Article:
A mixed close on Wall Street points to mild opening pressure on Australian stocks following two weeks of strong gains.
ASX index futures eased 14 points or 0.2 per cent after the S&P 500 snapped a four-day rally.
Australian stocks have been on a two-week tear amid rising optimism about the reopening of the economy. The S&P/ASX 200 put on 259 points last week and another 236 by yesterday’s close for a nine-session tally of nearly ten per cent.
US stocks finished mostly lower after jobs data disappointed and big-tech stay-at-home stocks declined. The S&P 500 shed 11 points or 0.34 per cent. The tech-heavy Nasdaq gave up a chunkier 67 points or 0.69 per cent. A late bounce lifted the Dow to a gain of 12 points or 0.05 per cent.
Investors proved cautious about taking on more risk ahead of tonight’s monthly jobs update. While a report on Wednesday showed the private sector lost fewer jobs last month than economists expected, data last night indicated 1.88 million Americans filed for unemployment benefits for the first time last week – higher than a predicted 1.8 million. Continuing claims increased by 437,000 to 19.3 million, denting hopes of a swift recovery as businesses reopen.
The heavily-weighted tech stocks that led the market out of its March trough have stuttered in recent days as traders rotate out of winners from the stay-at-home economy into companies that benefit from a return to work. Overnight, Facebook fell 1.7 per cent, Amazon 0.7 per cent, Apple 0.9 per cent, Netflix 1.8 per cent and Google parent company Alphabet 1.7 per cent. By contrast, the Arca Airline Index jumped 10.1 per cent and planemaker Boeing gained 6.4 per cent.
Despite the tech setback, the Nasdaq Composite closed within 3 per cent of its all-time high. An index of the biggest non-financial stocks within the Composite called the Nasdaq-100 hit an intraday record before fading to a loss of 0.8 per cent. The index includes companies such as Amazon, PayPal and PepsiCo. The S&P 500 and Dow have both bounced more than 42 per cent since their pandemic lows despite the worst economic data on record.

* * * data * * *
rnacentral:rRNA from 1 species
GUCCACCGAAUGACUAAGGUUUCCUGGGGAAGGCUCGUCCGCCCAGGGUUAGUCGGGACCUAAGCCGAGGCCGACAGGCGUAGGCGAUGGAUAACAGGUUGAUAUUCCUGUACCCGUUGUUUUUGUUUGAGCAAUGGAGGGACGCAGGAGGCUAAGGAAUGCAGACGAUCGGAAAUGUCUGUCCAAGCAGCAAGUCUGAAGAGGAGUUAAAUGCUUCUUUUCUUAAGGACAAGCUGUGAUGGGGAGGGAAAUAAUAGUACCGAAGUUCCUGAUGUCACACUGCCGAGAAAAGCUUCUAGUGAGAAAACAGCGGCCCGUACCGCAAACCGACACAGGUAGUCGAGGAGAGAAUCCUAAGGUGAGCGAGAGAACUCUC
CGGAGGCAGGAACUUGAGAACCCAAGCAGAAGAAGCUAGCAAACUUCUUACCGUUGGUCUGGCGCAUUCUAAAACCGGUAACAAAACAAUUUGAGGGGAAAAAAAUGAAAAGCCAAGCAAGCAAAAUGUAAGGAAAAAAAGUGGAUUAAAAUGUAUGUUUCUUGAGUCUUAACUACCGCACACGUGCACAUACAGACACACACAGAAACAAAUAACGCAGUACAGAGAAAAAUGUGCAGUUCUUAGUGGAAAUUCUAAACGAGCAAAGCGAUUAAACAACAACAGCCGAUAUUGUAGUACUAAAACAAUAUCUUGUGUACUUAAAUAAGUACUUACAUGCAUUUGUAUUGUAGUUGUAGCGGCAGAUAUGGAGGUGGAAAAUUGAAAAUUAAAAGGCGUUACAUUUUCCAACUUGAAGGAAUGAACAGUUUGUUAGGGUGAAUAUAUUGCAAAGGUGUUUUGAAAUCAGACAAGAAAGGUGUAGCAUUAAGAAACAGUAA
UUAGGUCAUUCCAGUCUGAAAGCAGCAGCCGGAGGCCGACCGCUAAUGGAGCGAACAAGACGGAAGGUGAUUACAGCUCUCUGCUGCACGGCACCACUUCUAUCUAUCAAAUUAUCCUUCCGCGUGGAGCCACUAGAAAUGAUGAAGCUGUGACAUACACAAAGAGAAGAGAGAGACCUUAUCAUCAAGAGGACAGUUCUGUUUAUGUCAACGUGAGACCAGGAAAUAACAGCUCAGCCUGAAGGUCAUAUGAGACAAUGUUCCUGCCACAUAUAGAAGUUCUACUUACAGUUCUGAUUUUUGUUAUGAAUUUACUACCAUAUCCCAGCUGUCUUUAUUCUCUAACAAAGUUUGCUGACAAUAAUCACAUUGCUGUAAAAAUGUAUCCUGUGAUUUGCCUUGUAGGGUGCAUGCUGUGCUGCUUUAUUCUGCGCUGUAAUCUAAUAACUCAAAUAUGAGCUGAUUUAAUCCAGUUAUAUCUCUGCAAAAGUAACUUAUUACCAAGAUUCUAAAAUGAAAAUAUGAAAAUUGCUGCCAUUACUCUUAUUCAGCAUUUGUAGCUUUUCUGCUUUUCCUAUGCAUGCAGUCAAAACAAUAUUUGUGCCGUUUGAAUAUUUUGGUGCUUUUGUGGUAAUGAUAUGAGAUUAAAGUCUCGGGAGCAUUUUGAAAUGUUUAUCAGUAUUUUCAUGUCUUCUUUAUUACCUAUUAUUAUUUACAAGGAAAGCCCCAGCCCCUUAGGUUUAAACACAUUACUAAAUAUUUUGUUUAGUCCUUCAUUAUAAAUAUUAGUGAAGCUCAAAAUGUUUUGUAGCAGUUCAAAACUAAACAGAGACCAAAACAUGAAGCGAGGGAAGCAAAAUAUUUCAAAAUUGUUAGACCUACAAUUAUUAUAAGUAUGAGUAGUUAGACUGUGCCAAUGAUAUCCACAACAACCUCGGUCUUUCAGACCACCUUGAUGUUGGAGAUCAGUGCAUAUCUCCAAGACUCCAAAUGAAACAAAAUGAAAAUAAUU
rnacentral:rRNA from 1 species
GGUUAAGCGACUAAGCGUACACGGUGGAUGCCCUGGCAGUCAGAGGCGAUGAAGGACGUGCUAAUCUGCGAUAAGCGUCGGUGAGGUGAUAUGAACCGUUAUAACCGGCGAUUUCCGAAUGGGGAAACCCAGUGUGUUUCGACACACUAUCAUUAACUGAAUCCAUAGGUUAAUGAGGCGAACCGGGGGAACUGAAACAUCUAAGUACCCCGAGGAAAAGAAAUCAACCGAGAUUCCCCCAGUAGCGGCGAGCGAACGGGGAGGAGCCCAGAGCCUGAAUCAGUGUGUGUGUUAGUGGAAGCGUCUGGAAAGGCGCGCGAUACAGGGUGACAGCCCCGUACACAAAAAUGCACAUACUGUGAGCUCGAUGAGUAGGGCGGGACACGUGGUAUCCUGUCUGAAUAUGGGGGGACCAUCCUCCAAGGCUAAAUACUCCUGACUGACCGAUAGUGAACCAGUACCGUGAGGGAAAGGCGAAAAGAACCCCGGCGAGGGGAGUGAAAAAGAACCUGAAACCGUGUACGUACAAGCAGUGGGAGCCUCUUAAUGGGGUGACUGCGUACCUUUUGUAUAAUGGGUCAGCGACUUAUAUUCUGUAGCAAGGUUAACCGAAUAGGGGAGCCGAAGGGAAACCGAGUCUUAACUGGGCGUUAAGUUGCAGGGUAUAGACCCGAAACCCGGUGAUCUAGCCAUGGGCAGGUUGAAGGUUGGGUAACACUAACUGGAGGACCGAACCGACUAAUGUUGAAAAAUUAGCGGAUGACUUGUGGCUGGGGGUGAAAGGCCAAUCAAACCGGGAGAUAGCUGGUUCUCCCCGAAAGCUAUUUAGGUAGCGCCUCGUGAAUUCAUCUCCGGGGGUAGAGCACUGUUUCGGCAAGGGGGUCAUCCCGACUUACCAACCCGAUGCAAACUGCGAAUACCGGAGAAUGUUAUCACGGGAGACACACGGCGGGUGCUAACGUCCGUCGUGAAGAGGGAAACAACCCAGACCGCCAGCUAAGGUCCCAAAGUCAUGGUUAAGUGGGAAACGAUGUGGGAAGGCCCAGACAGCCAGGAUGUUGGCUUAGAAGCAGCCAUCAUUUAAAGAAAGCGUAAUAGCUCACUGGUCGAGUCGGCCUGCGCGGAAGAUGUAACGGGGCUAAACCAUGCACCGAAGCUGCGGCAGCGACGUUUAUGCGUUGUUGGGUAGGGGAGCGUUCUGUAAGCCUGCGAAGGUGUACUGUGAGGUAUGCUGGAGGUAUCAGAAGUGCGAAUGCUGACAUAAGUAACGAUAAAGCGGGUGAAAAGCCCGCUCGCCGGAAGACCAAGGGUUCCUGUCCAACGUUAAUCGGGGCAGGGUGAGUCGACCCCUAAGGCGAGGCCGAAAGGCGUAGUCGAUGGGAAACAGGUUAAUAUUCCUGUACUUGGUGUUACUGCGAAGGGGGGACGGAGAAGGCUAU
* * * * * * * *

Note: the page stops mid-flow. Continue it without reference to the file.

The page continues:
“The market is trading on extreme optimism like I’ve never seen in my career,” Phil Blancato, CEO of Ladenburg Thalmann Asset Management in the US, told CNBC. “We’re looking at the worst data in our lifetime. Yet, here we are at all-time highs… The market either knows something we don’t or we’re trading on extreme optimism.”
Commentators have attributed much of the stock market recovery to the tide of stimulus money flooding from central banks. Overnight, the European Central Bank announced it will more than double its emergency purchase program to 1.35 trillion Euros. The US Federal Reserve meets next week.
Financials, industrials and materials were the only sectors to eke out wins. Real estate and utilities both lost at least 1.8 per cent.
Australia’s mining giants traded mixed in overseas action as iron ore slid back below US$100 a dry ton. Rio Tinto’s US-listed stock edged up 0.21 per cent following a 1.08 per cent drop in its UK-listed stock. BHP eased 0.16 per cent in the US and 0.65 per cent in the UK. The spot price for iron ore landed in China dropped $1.60 or 1.6 per cent to US$99.20.
Oil inched higher following a report that major producers have cut production broadly in line with an OPEC+ deal in April. Data tracker Kpler reported the oil cartel last month reduced production by 8.9 million barrels a day or 89 per cent of the agreed ten million a day. Brent crude settled 20 cents or 0.5 per cent higher at US$39.99 a barrel. A Bloomberg report in the last hour said OPEC was set to extend the production cap after winning support from Iraq.
Gold rose for the first time in four sessions as the US stock market wobbled and the US dollar was pressured by the ECB cash splash. Gold for August delivery settled $22.60 or 1.3 per cent ahead at US$1,727.40 an ounce.
Most industrial metals made gains as the falling greenback made dollar-denominated commodities cheaper for the holders of other currencies. Benchmark copper on the London Metal Exchange rose 0.2 per cent to US$5,512.25 a tonne. Aluminium added 0.3 per cent, lead 1.3 per cent, zinc 0.6 per cent and tin 0.6 per cent. Nickel declined 0.7 per cent.
The dollar was flat this morning at 69.41 US cents.